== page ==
Sunday Herald - May 1, 2005
Whats the frequency, Karlheinz?
By Leon McDermott
FEW would dispute that Karlheinz Stockhausen, over a career that stretches back half a century, is one of the worlds most influential living composers. He destroyed music and refashioned it anew, taking even further the revolutions that Schoenberg and Messiaen (with whom he studied from 1951 to 1953) spearheaded; forget about the past, his music said. It is over. He dismantled boundaries and opened up vast, uncharted new territories.
It is a Wednesday, says Stockhausen, dressed in a rumpled white suit, standing on the stage of the Tramway. I composed a work for every day of the week, he adds, a Greeting and a Farewell. Since its Wednesday, then, thats the day were getting. The two pieces comprise one section of the 29-hour long epic series that Stockhausen worked on from 1977 to 2002, Licht, comprising seven distinct parts, one for each day of the week.
He precedes both Wednesday Greeting a purely electronic piece and Wednesday Farewell (in which he employs musique concrète techniques) with short speeches on method and on ways of hearing. After that, he retires to the central mixing desk where he manipulates the sound, the lights are switched off except for the hazy focal point, a golden full moon that sits high and lonely above the stage and he begins.
What follows his two genial speeches is both dizzying and enveloping. Shrouded by darkness, with only the tiny traffic-light combinations of the mixing desk visible, you enter an almost otherworldly state. The music in Wednesday Greeting comes in three distinct layers; three planes of sound which, thanks to the eight sets of speakers, shift and float around you, occupying different areas and levels of the box-shaped venue. It is music as space itself, music as the air which inhabits a room. Warm, analogue electronic tones waft dreamily from left to right, drifting sleepily through the audience, before being picked apart by spiky, crystallised drops of synthesiser which rise and swirl around you.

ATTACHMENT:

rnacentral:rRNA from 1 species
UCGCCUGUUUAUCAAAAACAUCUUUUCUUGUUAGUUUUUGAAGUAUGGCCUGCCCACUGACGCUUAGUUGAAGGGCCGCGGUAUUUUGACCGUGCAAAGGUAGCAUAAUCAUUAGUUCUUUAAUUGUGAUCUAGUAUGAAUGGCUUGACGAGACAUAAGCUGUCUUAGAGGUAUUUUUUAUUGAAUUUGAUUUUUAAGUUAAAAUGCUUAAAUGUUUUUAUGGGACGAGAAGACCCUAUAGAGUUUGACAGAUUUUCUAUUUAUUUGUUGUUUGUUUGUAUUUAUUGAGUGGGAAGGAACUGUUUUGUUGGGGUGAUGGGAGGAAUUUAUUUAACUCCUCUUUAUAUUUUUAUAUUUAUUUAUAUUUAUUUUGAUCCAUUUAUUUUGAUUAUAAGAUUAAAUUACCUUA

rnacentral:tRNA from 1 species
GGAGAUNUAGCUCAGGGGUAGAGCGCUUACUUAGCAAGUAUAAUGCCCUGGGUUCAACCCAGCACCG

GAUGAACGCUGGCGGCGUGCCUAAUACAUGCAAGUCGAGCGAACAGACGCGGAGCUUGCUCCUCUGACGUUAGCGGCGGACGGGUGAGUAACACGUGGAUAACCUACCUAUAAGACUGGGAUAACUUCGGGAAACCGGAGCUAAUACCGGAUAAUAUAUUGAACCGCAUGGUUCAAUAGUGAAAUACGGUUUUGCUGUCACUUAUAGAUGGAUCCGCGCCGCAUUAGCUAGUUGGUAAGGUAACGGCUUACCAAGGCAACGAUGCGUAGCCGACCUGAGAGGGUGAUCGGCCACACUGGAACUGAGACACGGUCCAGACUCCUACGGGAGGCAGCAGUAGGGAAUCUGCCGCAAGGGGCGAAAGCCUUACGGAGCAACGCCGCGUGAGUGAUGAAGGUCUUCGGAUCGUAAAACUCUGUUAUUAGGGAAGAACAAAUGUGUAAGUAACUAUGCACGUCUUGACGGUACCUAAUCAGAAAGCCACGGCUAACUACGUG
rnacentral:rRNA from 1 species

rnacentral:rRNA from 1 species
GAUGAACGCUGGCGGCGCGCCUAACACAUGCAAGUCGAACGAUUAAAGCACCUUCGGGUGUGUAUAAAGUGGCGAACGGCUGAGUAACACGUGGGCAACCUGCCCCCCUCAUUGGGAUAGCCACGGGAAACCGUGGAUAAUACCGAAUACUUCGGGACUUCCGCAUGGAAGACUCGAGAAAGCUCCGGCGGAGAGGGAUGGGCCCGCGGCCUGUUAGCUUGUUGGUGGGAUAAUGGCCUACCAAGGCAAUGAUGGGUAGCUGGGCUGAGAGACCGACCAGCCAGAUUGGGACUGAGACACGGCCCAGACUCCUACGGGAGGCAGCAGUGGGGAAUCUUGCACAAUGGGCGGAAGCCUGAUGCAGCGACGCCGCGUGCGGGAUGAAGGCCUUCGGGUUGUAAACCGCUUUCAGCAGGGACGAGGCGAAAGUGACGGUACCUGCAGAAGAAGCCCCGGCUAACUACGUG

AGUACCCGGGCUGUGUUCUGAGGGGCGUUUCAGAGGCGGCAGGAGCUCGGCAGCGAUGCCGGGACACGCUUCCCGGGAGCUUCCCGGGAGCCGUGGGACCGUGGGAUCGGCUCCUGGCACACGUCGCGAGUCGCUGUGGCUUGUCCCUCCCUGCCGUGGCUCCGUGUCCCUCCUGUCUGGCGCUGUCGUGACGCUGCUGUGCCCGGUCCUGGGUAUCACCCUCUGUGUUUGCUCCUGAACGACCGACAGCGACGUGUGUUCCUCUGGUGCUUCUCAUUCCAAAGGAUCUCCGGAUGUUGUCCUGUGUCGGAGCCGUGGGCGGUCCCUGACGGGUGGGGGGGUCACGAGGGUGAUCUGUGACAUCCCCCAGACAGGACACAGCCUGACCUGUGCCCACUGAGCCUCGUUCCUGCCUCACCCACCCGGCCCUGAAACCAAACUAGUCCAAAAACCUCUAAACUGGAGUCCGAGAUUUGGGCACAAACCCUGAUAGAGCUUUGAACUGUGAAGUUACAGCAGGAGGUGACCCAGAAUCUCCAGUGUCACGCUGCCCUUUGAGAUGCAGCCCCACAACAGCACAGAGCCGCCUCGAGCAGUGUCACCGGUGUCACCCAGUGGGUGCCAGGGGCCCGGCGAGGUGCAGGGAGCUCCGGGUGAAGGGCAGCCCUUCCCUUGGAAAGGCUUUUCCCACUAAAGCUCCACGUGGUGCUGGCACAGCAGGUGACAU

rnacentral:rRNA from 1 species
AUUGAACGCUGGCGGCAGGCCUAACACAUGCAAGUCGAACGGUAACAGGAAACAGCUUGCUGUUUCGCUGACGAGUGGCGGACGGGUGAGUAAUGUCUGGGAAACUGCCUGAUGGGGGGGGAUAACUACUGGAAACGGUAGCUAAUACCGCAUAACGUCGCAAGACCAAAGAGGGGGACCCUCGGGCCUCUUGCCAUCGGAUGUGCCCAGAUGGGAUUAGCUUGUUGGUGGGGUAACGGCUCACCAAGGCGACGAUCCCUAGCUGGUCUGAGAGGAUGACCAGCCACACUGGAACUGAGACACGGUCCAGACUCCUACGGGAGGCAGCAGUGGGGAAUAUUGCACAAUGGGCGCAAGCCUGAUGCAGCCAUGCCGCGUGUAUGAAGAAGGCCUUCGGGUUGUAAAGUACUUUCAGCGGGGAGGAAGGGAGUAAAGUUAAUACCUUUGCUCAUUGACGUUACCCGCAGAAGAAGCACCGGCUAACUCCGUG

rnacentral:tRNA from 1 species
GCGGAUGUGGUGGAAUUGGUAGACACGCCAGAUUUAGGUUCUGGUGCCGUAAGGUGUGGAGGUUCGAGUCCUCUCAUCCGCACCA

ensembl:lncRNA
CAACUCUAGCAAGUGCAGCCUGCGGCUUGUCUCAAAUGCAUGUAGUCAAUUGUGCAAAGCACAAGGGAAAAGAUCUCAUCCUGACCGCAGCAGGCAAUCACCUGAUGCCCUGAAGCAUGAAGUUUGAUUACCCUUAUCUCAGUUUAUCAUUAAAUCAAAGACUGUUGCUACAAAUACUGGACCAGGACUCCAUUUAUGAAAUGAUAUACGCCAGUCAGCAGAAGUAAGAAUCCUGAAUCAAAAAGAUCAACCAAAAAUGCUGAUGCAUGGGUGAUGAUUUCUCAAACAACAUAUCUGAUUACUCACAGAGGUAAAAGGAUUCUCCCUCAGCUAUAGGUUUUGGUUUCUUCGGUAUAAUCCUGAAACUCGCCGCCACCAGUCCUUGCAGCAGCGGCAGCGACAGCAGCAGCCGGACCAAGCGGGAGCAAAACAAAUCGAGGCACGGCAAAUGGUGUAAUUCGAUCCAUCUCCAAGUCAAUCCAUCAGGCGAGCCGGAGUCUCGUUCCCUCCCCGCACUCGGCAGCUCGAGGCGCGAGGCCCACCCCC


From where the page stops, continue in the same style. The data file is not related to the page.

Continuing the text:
What sounds uncannily like a human voice it may even be saying sure? penetrates the darkness as synthetic drones spin, anticlockwise, around. Familiar pitches of tone (each tied to one of the pieces three layers of sound) reappear, motifs recur, with each layer achieving occasional resolution. No matter how disparate the stereo shifts and separations some of which feel as if they are violently wrenching your head back and forth everything here is internally coherent.
Warm but threatening bass rattles the walls at points, a low-end counterpoint to the chiming, echoing quasi-birdsong migrating across the room. Each sonic axis twists, rotates and cuts through the others as a whirring crescendo is reached. At times, it could be radio chatter from space; fragments found on old frequencies, the sound of long-dead planets.
Wednesday Farewell is less coherent, and rather more abstract. It is, says Stockhausen before it begins, not serialistic but transrealistic. Its a constellation of manipulated samples, an orchestra of found sounds, but it lacks the ethereal oddness of its predecessor, favouring treated loops, heavily ring-modulated voices and choppy, agitated percussive noise over strictly delineated layers. A platform announcement at a train station maybe Wednesday really is leaving is followed by rumbling, clattering bass tones and what might be bricks being shunted around. A male voice at the rear of the auditorium shouts, Come on, this is bollocks! before being ejected, but somehow, this intrusion is absorbed its another sound for the listener to play with; just something else to contextualise.
Context, here, is all. The musique concrète methodology of Wednesday Farewell by its very nature produces something other worldly, and what matters as much as the sound sources themselves are the relations, the tangible connections, between them: the whole that is fashioned from the disparate source materials.
The composer assembles cities, worlds, a universe from these sounds; like the sculptor who sees not a cube of rock but the figure underneath it, Stockhausen sees not simply a space, but what that space sounds like.
01 May 2005